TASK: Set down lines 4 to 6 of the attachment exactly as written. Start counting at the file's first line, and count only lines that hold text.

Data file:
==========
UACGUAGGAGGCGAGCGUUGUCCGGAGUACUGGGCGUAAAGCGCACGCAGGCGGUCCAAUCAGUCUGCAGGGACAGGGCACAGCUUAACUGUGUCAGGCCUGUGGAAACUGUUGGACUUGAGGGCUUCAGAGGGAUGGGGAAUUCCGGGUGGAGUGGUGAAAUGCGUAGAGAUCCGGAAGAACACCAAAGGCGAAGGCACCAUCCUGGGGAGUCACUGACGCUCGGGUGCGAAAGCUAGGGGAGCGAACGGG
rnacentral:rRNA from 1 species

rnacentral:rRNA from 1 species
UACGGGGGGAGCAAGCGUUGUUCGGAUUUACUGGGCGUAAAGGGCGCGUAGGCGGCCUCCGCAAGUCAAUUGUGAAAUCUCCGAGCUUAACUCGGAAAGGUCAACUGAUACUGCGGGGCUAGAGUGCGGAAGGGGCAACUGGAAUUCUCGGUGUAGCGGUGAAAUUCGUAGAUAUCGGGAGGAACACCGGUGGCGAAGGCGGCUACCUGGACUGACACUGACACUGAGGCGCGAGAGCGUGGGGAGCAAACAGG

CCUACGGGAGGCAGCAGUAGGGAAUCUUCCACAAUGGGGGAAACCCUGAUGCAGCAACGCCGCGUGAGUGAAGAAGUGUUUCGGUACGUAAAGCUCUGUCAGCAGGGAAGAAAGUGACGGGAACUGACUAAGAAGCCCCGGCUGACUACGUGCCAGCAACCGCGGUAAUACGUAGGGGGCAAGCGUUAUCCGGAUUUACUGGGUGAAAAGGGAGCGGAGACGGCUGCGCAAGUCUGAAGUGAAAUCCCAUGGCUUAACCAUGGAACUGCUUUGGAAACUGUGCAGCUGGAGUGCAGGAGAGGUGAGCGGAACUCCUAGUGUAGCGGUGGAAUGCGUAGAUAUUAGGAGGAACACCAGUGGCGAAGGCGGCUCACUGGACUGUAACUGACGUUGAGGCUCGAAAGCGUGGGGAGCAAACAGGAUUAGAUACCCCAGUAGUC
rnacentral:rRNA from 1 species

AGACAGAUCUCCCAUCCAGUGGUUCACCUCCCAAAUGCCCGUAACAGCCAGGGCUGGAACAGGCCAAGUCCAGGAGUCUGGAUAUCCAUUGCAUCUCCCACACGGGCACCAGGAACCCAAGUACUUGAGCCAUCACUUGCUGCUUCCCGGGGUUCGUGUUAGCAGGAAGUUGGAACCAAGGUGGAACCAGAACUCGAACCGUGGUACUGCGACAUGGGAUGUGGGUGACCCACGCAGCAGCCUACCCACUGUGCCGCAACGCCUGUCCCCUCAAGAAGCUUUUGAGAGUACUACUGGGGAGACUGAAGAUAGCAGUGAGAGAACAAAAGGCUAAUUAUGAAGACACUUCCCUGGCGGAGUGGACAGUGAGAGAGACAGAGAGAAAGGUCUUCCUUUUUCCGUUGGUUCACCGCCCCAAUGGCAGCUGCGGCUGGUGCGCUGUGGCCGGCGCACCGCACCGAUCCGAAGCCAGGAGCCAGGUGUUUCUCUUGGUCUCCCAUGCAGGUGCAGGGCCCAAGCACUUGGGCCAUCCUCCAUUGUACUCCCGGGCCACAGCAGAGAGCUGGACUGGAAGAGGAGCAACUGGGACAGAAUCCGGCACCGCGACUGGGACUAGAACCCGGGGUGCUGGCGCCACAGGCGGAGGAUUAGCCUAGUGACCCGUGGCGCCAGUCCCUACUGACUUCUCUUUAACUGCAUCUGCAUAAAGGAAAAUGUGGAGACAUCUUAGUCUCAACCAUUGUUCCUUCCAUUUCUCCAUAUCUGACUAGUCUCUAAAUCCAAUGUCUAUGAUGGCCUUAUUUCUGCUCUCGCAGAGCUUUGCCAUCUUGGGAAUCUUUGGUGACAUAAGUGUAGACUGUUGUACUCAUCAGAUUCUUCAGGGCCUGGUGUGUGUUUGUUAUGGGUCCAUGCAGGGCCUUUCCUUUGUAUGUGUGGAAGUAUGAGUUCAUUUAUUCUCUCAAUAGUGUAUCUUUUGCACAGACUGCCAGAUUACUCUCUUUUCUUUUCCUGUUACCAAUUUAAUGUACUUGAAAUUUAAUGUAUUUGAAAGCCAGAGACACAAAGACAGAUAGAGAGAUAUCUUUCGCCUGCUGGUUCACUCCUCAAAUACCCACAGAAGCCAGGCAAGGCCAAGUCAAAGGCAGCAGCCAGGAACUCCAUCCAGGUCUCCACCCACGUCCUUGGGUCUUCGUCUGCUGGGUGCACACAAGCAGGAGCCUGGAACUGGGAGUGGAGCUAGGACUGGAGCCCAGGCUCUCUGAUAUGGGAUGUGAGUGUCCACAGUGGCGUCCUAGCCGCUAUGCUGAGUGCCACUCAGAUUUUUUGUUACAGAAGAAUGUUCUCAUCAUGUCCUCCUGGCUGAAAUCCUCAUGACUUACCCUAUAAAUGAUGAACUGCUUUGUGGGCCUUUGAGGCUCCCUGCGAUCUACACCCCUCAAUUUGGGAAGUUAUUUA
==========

UACGGGGGGAGCAAGCGUUGUUCGGAUUUACUGGGCGUAAAGGGCGCGUAGGCGGCCUCCGCAAGUCAAUUGUGAAAUCUCCGAGCUUAACUCGGAAAGGUCAACUGAUACUGCGGGGCUAGAGUGCGGAAGGGGCAACUGGAAUUCUCGGUGUAGCGGUGAAAUUCGUAGAUAUCGGGAGGAACACCGGUGGCGAAGGCGGCUACCUGGACUGACACUGACACUGAGGCGCGAGAGCGUGGGGAGCAAACAGG

CCUACGGGAGGCAGCAGUAGGGAAUCUUCCACAAUGGGGGAAACCCUGAUGCAGCAACGCCGCGUGAGUGAAGAAGUGUUUCGGUACGUAAAGCUCUGUCAGCAGGGAAGAAAGUGACGGGAACUGACUAAGAAGCCCCGGCUGACUACGUGCCAGCAACCGCGGUAAUACGUAGGGGGCAAGCGUUAUCCGGAUUUACUGGGUGAAAAGGGAGCGGAGACGGCUGCGCAAGUCUGAAGUGAAAUCCCAUGGCUUAACCAUGGAACUGCUUUGGAAACUGUGCAGCUGGAGUGCAGGAGAGGUGAGCGGAACUCCUAGUGUAGCGGUGGAAUGCGUAGAUAUUAGGAGGAACACCAGUGGCGAAGGCGGCUCACUGGACUGUAACUGACGUUGAGGCUCGAAAGCGUGGGGAGCAAACAGGAUUAGAUACCCCAGUAGUC
rnacentral:rRNA from 1 species